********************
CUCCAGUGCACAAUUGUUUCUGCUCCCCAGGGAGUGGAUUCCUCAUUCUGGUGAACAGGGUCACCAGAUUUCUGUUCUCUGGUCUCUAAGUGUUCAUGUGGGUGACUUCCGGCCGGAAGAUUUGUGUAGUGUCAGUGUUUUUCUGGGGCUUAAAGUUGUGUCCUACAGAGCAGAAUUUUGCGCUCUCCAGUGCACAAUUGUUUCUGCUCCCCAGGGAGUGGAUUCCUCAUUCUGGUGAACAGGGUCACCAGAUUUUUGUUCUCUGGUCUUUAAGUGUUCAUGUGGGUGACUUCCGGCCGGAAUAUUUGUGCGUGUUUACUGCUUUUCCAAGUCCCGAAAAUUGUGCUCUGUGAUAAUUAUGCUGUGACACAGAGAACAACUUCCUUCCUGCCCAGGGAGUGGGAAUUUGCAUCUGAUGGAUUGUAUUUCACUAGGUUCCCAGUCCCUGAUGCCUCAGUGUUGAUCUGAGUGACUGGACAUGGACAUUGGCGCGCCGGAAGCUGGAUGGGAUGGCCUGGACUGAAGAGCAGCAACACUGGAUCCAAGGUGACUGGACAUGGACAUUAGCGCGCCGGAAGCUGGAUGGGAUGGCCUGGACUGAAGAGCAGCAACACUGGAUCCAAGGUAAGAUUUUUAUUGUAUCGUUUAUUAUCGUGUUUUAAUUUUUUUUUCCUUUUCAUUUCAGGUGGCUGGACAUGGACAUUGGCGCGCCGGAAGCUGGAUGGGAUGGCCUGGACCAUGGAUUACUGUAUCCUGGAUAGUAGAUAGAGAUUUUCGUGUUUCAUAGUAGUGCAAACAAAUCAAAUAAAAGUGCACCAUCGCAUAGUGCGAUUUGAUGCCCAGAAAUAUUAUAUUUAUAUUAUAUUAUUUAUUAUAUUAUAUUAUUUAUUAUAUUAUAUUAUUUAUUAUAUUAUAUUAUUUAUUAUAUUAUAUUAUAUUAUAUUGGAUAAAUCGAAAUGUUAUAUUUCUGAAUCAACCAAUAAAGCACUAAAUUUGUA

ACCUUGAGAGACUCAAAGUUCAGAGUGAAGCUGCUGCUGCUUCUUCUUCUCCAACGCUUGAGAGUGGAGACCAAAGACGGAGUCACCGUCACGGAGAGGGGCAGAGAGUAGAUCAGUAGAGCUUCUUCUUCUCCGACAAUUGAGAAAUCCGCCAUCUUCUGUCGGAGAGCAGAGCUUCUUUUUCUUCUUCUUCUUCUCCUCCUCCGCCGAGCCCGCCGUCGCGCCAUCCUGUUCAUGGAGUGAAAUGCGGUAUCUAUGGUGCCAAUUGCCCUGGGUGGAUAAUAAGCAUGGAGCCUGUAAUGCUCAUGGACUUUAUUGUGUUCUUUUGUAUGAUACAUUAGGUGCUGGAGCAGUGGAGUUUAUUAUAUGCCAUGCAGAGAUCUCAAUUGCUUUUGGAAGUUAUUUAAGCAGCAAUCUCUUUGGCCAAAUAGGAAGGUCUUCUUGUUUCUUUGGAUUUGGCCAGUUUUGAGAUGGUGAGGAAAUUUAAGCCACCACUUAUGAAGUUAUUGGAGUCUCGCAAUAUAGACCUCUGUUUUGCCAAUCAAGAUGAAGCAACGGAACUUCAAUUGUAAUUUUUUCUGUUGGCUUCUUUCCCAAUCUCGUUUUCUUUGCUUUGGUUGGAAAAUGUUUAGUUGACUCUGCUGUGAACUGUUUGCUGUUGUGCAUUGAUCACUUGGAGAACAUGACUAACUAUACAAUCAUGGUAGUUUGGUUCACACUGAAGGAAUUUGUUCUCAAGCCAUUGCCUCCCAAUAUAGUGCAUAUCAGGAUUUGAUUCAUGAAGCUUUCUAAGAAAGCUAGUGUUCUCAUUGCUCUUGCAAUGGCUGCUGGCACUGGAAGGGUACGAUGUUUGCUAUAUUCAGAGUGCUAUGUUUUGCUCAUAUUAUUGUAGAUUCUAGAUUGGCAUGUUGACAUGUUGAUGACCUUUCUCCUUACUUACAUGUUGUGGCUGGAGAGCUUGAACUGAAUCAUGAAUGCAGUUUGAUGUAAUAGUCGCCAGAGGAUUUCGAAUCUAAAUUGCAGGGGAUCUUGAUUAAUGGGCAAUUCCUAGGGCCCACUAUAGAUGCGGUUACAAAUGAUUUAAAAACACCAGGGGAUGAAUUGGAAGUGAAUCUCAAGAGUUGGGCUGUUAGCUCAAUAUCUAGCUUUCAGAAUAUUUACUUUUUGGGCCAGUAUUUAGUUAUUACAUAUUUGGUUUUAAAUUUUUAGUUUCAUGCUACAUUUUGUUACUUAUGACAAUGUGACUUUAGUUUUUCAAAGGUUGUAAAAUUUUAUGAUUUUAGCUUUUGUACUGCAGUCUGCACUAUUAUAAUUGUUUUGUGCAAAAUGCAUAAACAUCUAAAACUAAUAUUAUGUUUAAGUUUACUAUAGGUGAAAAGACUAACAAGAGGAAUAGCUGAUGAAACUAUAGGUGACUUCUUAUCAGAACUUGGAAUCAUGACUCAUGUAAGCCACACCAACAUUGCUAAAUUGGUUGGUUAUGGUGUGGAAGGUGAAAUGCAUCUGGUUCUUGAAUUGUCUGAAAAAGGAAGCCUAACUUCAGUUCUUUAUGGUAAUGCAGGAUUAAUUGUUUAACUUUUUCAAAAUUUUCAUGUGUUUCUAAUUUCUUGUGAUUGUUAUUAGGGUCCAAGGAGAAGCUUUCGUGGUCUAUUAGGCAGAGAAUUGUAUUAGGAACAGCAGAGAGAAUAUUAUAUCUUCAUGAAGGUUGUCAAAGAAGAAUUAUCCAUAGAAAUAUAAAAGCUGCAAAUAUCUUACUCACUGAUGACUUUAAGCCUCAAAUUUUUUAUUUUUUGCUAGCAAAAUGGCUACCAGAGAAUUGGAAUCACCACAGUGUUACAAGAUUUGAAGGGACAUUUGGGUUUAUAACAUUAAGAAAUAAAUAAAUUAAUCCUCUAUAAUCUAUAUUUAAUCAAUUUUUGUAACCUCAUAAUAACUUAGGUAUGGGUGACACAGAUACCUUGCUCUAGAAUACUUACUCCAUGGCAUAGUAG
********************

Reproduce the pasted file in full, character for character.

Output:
CUCCAGUGCACAAUUGUUUCUGCUCCCCAGGGAGUGGAUUCCUCAUUCUGGUGAACAGGGUCACCAGAUUUCUGUUCUCUGGUCUCUAAGUGUUCAUGUGGGUGACUUCCGGCCGGAAGAUUUGUGUAGUGUCAGUGUUUUUCUGGGGCUUAAAGUUGUGUCCUACAGAGCAGAAUUUUGCGCUCUCCAGUGCACAAUUGUUUCUGCUCCCCAGGGAGUGGAUUCCUCAUUCUGGUGAACAGGGUCACCAGAUUUUUGUUCUCUGGUCUUUAAGUGUUCAUGUGGGUGACUUCCGGCCGGAAUAUUUGUGCGUGUUUACUGCUUUUCCAAGUCCCGAAAAUUGUGCUCUGUGAUAAUUAUGCUGUGACACAGAGAACAACUUCCUUCCUGCCCAGGGAGUGGGAAUUUGCAUCUGAUGGAUUGUAUUUCACUAGGUUCCCAGUCCCUGAUGCCUCAGUGUUGAUCUGAGUGACUGGACAUGGACAUUGGCGCGCCGGAAGCUGGAUGGGAUGGCCUGGACUGAAGAGCAGCAACACUGGAUCCAAGGUGACUGGACAUGGACAUUAGCGCGCCGGAAGCUGGAUGGGAUGGCCUGGACUGAAGAGCAGCAACACUGGAUCCAAGGUAAGAUUUUUAUUGUAUCGUUUAUUAUCGUGUUUUAAUUUUUUUUUCCUUUUCAUUUCAGGUGGCUGGACAUGGACAUUGGCGCGCCGGAAGCUGGAUGGGAUGGCCUGGACCAUGGAUUACUGUAUCCUGGAUAGUAGAUAGAGAUUUUCGUGUUUCAUAGUAGUGCAAACAAAUCAAAUAAAAGUGCACCAUCGCAUAGUGCGAUUUGAUGCCCAGAAAUAUUAUAUUUAUAUUAUAUUAUUUAUUAUAUUAUAUUAUUUAUUAUAUUAUAUUAUUUAUUAUAUUAUAUUAUUUAUUAUAUUAUAUUAUAUUAUAUUGGAUAAAUCGAAAUGUUAUAUUUCUGAAUCAACCAAUAAAGCACUAAAUUUGUA

ACCUUGAGAGACUCAAAGUUCAGAGUGAAGCUGCUGCUGCUUCUUCUUCUCCAACGCUUGAGAGUGGAGACCAAAGACGGAGUCACCGUCACGGAGAGGGGCAGAGAGUAGAUCAGUAGAGCUUCUUCUUCUCCGACAAUUGAGAAAUCCGCCAUCUUCUGUCGGAGAGCAGAGCUUCUUUUUCUUCUUCUUCUUCUCCUCCUCCGCCGAGCCCGCCGUCGCGCCAUCCUGUUCAUGGAGUGAAAUGCGGUAUCUAUGGUGCCAAUUGCCCUGGGUGGAUAAUAAGCAUGGAGCCUGUAAUGCUCAUGGACUUUAUUGUGUUCUUUUGUAUGAUACAUUAGGUGCUGGAGCAGUGGAGUUUAUUAUAUGCCAUGCAGAGAUCUCAAUUGCUUUUGGAAGUUAUUUAAGCAGCAAUCUCUUUGGCCAAAUAGGAAGGUCUUCUUGUUUCUUUGGAUUUGGCCAGUUUUGAGAUGGUGAGGAAAUUUAAGCCACCACUUAUGAAGUUAUUGGAGUCUCGCAAUAUAGACCUCUGUUUUGCCAAUCAAGAUGAAGCAACGGAACUUCAAUUGUAAUUUUUUCUGUUGGCUUCUUUCCCAAUCUCGUUUUCUUUGCUUUGGUUGGAAAAUGUUUAGUUGACUCUGCUGUGAACUGUUUGCUGUUGUGCAUUGAUCACUUGGAGAACAUGACUAACUAUACAAUCAUGGUAGUUUGGUUCACACUGAAGGAAUUUGUUCUCAAGCCAUUGCCUCCCAAUAUAGUGCAUAUCAGGAUUUGAUUCAUGAAGCUUUCUAAGAAAGCUAGUGUUCUCAUUGCUCUUGCAAUGGCUGCUGGCACUGGAAGGGUACGAUGUUUGCUAUAUUCAGAGUGCUAUGUUUUGCUCAUAUUAUUGUAGAUUCUAGAUUGGCAUGUUGACAUGUUGAUGACCUUUCUCCUUACUUACAUGUUGUGGCUGGAGAGCUUGAACUGAAUCAUGAAUGCAGUUUGAUGUAAUAGUCGCCAGAGGAUUUCGAAUCUAAAUUGCAGGGGAUCUUGAUUAAUGGGCAAUUCCUAGGGCCCACUAUAGAUGCGGUUACAAAUGAUUUAAAAACACCAGGGGAUGAAUUGGAAGUGAAUCUCAAGAGUUGGGCUGUUAGCUCAAUAUCUAGCUUUCAGAAUAUUUACUUUUUGGGCCAGUAUUUAGUUAUUACAUAUUUGGUUUUAAAUUUUUAGUUUCAUGCUACAUUUUGUUACUUAUGACAAUGUGACUUUAGUUUUUCAAAGGUUGUAAAAUUUUAUGAUUUUAGCUUUUGUACUGCAGUCUGCACUAUUAUAAUUGUUUUGUGCAAAAUGCAUAAACAUCUAAAACUAAUAUUAUGUUUAAGUUUACUAUAGGUGAAAAGACUAACAAGAGGAAUAGCUGAUGAAACUAUAGGUGACUUCUUAUCAGAACUUGGAAUCAUGACUCAUGUAAGCCACACCAACAUUGCUAAAUUGGUUGGUUAUGGUGUGGAAGGUGAAAUGCAUCUGGUUCUUGAAUUGUCUGAAAAAGGAAGCCUAACUUCAGUUCUUUAUGGUAAUGCAGGAUUAAUUGUUUAACUUUUUCAAAAUUUUCAUGUGUUUCUAAUUUCUUGUGAUUGUUAUUAGGGUCCAAGGAGAAGCUUUCGUGGUCUAUUAGGCAGAGAAUUGUAUUAGGAACAGCAGAGAGAAUAUUAUAUCUUCAUGAAGGUUGUCAAAGAAGAAUUAUCCAUAGAAAUAUAAAAGCUGCAAAUAUCUUACUCACUGAUGACUUUAAGCCUCAAAUUUUUUAUUUUUUGCUAGCAAAAUGGCUACCAGAGAAUUGGAAUCACCACAGUGUUACAAGAUUUGAAGGGACAUUUGGGUUUAUAACAUUAAGAAAUAAAUAAAUUAAUCCUCUAUAAUCUAUAUUUAAUCAAUUUUUGUAACCUCAUAAUAACUUAGGUAUGGGUGACACAGAUACCUUGCUCUAGAAUACUUACUCCAUGGCAUAGUAG